Clinton, Trump strategize for battleground states in the campaign's final days

The long presidential campaign is down to the final six days, and the candidates are preparing their final strategies. 

To win in Florida, Clinton needs to generate Obama-level enthusiasm, CBS News’ Nancy Cordes reports. Especially from African Americans, who made up a quarter of the state’s early voting electorate when he was on the ballot in 2012.

So far this year that rate is off by about 7 points.

“The African American vote right now is not where it needs to be,” President Obama said on the Tom Joyner Morning Show on Wednesday. 

So Wednesday, the president and Clinton made the rounds again on predominately black radio stations

“Tell my folks why you and why now,” Leroy Jones asked Clinton on Art, Talk and Listen with Leroy Jones.

 “Well you know I believe in what I am doing,” Clinton answered. 

In battleground North Carolina, African American early voting rates are bouncing back from a slow start -- and after Republicans there imposed strict limits on the number of urban polling places during the first week of early voting

In Chapel Hill, Obama issued this dire new warning about a Trump presidency: “I hate to put a little pressure on you, but the fate of the republic rests on your shoulders.” 

The Latino vote will also be key for Clinton -- and those numbers are far better.

In Florida, Latino early voting is up 139 percent from this point in 2012--driven in part by Trump’s comments about Mexicans.

“I mean he starts out by insulting immigrants. He moves on to insult all Latinos,” Clinton said in Florida. “Insults African Americans, insults Muslims. Insults people with disabilities. Insults POWs. And insults women.  I mean really.”

Obama came to Clinton’s aid on another front today, criticizing the FBI director for telling Congress about new emails that may or may not be significant. In an interview with “Now This News,” the president said the FBI should not be spreading innuendo and incomplete information.

Meanwhile, Trump is also making a push for Florida, CBS News’ Major Garrett reports. 

“The polls are all saying we are going to win Florida,” Trump said on Wednesday. “Don’t believe it. Don’t believe it. Get out there and vote. Pretend we are slightly behind. We don’t want to blow this.”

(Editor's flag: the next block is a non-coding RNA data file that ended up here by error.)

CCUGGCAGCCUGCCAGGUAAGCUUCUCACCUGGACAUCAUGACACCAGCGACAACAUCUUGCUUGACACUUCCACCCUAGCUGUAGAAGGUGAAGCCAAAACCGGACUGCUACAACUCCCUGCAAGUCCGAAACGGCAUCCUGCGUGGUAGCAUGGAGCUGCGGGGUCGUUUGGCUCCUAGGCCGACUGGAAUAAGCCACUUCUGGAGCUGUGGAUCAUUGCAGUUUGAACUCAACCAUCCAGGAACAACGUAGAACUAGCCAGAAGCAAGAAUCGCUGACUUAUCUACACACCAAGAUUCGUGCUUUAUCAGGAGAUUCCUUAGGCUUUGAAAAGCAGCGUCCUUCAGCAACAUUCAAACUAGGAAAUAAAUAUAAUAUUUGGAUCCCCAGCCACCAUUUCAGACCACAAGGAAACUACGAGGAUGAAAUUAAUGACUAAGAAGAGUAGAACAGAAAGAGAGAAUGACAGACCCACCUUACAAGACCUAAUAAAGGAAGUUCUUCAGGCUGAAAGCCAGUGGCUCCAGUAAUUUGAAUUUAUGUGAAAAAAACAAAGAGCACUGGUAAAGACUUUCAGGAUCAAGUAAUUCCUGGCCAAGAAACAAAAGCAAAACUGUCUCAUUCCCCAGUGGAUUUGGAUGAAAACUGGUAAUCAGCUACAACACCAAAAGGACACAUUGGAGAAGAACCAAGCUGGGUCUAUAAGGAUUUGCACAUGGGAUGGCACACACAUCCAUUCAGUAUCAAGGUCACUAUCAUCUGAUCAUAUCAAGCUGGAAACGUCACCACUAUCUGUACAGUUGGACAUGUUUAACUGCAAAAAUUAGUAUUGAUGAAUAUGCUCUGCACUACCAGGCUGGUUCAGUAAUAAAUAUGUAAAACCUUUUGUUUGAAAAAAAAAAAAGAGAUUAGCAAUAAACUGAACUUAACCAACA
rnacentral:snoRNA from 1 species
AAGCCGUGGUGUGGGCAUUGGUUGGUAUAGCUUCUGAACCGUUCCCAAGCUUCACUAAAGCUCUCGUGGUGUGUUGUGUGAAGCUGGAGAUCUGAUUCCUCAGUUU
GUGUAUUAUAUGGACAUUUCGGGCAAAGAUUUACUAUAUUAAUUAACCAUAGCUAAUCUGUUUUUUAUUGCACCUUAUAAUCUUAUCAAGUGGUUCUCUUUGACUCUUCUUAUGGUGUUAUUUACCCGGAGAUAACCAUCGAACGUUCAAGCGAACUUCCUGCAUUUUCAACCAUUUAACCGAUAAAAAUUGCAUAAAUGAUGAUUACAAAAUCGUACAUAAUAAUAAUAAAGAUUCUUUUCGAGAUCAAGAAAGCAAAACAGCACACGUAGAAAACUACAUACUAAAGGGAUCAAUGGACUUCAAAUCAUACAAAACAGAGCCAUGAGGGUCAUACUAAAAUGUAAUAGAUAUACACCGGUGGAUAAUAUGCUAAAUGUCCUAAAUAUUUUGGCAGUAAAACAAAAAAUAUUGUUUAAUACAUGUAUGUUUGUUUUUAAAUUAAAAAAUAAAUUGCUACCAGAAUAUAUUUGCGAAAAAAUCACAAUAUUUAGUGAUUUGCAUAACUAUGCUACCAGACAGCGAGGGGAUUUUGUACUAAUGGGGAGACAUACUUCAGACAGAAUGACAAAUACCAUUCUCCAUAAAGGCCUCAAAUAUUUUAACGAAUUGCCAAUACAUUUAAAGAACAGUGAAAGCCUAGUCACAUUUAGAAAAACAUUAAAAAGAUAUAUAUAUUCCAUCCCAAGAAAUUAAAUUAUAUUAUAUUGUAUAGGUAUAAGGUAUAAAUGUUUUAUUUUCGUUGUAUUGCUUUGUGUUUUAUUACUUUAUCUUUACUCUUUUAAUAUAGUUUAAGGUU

Trump is running like an underdog--even as new polls show the race in Florida is essentially tied. For a second day, he warned that a Hillary Clinton presidency could be mired in congressional and possibly criminal investigations.

 “If Hillary Clinton were to be elected, it would create an unprecedented and protracted constitutional crisis. Haven’t we just been through a lot with the Clintons? Right?”

Despite the public polling, Trump’s team believes he has surged ahead here. It also believes it has drawn even in upper Midwest states like Michigan and Wisconsin. In Eau Claire on Tuesday night, Trump made a play for voters who cast early ballots for Hillary Clinton and are now suffering what he called buyer’s remorse.

“A lot of stuff has come out since your vote,” Trump said. “So if you live here or in Michigan or Pennsylvania or Minnesota, those four places, you can change your vote to Donald Trump. We’ll make America great again. Okay?”

These four states allow early voters to withdraw their ballots and re-vote. But state officials say the practice is rarely used. Still, Trump’s pitch speaks to the campaign’s buoyancy in the final week.

It was also visible in a roughly $600,000 investment in three Trump commercials slated to air nationally during Wednesday’s Game Seven of the World Series.

“Everyday people stand united. Ready to replace decades of broken politics with a new leader who’s not a part of the system,” the commercial says.

Trump continues to raise money -- $2 million this morning from big donors in Miami and $100 million from small donors in October. The campaign and the RNC say they have completely funded their field operations and every remaining dollar will be devoted to TV commercials.